Hackney strip bar could lose license after breaching Covid rules

Ye Old Axe on Hackney Road has applied for a renewal of its sexual entertainments licence

Ye Old Axe on Hackney Road has applied for a renewal of its sexual entertainments licence, but some residents oppose the renewal - Credit: Google Maps

A pub offering nude stripteases fell foul of Covid rules when dancers got too close to customers, a licensing hearing has heard.

Ye Old Axe on Hackney Road has applied for a renewal of its sexual entertainments licence.

Owner Thomas Melody was fined £1,000 after licensing officers discovered breaches of Covid rules on two visits in July last year.

Licensing officers said there were no QR codes and customers were not asked to provide their details for contact-tracing.

There was no social distancing or table service and customers were not wearing face coverings. 

Lawyer David Forbes said the lifting of government restrictions was delayed from June 26 until July 19, but Melody was called away on a family crisis and the pub’s restrictions were mistakenly lifted too early.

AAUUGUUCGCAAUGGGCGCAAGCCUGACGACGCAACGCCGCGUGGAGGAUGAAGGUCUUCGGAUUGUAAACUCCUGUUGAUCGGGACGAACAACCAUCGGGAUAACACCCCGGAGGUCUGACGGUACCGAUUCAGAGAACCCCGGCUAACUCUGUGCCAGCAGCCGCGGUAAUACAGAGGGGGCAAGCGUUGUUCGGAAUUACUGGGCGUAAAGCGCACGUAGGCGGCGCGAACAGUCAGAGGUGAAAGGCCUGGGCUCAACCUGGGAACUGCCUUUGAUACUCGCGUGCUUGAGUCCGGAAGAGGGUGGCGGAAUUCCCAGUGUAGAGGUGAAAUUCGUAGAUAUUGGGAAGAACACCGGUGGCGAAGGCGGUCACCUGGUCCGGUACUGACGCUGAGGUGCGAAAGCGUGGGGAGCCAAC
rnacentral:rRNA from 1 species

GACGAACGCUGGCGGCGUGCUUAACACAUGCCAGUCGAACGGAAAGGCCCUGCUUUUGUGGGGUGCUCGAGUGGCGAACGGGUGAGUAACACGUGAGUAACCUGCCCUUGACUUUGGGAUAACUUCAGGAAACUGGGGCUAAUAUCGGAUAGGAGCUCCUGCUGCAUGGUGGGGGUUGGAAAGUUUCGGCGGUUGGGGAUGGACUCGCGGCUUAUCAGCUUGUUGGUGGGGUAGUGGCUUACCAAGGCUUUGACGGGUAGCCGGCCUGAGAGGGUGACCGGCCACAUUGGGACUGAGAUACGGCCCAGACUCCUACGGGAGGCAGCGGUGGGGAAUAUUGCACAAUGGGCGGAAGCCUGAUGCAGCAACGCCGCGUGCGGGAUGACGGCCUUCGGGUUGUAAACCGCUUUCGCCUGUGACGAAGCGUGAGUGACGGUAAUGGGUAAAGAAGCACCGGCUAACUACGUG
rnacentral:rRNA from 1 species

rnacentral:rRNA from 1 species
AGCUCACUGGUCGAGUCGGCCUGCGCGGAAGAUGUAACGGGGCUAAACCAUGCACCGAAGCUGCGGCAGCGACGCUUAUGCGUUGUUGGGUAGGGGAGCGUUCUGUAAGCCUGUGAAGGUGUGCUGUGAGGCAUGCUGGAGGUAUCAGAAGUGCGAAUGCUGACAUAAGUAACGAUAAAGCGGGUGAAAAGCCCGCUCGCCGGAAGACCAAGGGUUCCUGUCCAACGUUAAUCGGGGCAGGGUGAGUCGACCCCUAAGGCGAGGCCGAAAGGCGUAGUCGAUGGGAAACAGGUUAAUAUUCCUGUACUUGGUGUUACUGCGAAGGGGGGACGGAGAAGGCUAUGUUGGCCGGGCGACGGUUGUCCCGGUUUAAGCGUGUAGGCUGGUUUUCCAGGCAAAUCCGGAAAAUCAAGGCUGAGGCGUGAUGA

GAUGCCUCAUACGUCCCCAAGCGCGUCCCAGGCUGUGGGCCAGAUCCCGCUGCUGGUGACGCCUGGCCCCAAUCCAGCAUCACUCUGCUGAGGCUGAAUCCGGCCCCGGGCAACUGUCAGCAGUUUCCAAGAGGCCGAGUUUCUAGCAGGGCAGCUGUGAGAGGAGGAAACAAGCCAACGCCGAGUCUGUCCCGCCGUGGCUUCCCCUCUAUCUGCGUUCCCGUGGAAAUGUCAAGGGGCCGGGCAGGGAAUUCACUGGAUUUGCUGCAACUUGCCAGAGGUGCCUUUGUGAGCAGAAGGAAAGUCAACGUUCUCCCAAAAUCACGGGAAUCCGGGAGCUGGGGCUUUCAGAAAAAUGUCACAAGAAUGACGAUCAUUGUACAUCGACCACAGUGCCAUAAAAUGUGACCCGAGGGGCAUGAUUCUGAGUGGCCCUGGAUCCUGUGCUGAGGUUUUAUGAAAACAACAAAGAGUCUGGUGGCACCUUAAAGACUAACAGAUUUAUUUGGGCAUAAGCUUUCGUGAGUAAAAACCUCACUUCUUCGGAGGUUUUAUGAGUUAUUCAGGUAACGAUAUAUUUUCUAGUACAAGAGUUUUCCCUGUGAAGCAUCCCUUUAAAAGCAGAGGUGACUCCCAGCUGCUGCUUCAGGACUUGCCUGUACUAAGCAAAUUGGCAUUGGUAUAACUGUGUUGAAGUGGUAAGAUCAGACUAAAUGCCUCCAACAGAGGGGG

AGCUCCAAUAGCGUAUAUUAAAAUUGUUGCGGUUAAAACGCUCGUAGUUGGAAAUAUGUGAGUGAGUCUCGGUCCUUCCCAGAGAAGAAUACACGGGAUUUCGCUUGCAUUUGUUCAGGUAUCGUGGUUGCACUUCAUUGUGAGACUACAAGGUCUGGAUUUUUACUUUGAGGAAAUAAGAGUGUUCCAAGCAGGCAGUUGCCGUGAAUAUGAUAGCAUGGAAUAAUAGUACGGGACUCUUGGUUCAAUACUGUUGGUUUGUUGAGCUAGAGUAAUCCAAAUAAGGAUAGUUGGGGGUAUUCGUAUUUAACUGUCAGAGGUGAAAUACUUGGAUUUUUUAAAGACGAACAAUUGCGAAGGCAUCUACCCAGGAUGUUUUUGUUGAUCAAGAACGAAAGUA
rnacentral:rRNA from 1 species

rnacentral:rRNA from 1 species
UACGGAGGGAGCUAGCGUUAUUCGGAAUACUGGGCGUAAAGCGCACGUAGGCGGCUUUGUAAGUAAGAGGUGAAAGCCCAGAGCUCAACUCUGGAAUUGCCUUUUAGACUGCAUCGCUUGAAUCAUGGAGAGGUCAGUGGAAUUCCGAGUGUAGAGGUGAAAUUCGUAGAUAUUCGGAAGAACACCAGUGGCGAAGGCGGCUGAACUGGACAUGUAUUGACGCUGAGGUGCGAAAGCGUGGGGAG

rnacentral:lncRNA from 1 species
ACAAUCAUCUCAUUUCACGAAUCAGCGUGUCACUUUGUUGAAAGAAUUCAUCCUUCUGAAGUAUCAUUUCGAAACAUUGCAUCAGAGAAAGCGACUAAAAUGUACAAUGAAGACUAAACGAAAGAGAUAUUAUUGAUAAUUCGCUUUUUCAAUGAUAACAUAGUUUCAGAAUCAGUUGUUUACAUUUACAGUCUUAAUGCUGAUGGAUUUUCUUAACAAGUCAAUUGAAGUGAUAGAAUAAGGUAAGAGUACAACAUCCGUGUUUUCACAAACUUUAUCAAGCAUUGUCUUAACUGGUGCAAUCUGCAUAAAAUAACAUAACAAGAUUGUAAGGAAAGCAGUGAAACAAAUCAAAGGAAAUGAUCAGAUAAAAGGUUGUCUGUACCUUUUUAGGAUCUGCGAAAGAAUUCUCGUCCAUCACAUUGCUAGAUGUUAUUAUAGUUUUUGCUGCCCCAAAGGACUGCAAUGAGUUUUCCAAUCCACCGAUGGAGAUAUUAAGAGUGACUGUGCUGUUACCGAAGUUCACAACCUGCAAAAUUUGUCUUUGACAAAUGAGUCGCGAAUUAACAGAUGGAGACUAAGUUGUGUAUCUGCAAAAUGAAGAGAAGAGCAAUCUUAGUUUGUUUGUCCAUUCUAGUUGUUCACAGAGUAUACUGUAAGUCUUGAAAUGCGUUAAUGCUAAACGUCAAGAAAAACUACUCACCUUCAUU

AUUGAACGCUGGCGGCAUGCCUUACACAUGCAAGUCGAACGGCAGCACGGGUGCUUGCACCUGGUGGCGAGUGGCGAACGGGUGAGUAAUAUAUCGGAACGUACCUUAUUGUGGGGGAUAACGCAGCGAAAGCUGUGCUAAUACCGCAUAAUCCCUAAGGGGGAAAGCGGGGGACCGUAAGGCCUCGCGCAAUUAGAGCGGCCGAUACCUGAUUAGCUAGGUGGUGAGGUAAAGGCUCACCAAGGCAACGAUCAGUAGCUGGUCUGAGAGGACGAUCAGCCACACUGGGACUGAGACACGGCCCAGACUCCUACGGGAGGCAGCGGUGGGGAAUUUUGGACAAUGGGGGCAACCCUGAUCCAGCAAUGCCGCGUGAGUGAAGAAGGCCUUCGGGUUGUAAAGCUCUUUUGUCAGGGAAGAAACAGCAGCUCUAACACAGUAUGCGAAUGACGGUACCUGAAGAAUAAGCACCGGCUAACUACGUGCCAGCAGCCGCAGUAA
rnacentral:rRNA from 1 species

It would not happen again, he said, and felt the matter had been dealt with by the fixed penalty notice.

Most Read

Mr Forbes said: “It would be wholly disproportionate to revoke a premises licence which he has held for 30 years, on this ground."

A report by the undercover licensing officers said: “Customers were approached or appeared to be able to approach numerous women in the bar area, and were escorted by the women to a large upstairs room where for either £40 or £60 the women stripped completely.”

It added that performances were "intimate and physical", breaching many of the standards demanded by premises operating as sexual entertainment venues.

Forbes explained that Melody had not known that dancers were too close to customers when undercover licensing officers visited.

The licensing conditions mean performers have to be separated from customers.

The private area has since been moved downstairs so it can be supervised more closely, Mr Forbes said.

He explained that “steps have been taken to remind the dancers of the licence conditions".

Six neighbours opposed the application, with one unnamed resident claiming to have witnessed fights outside the venue.

They also claimed touting by taxi drivers offering to take people to places “where sexual services are on offer”.

Melody refuted these claims at the council's licensing committee on January 25 and said police had never been called to fights.

The committee will publish its decision in five working days.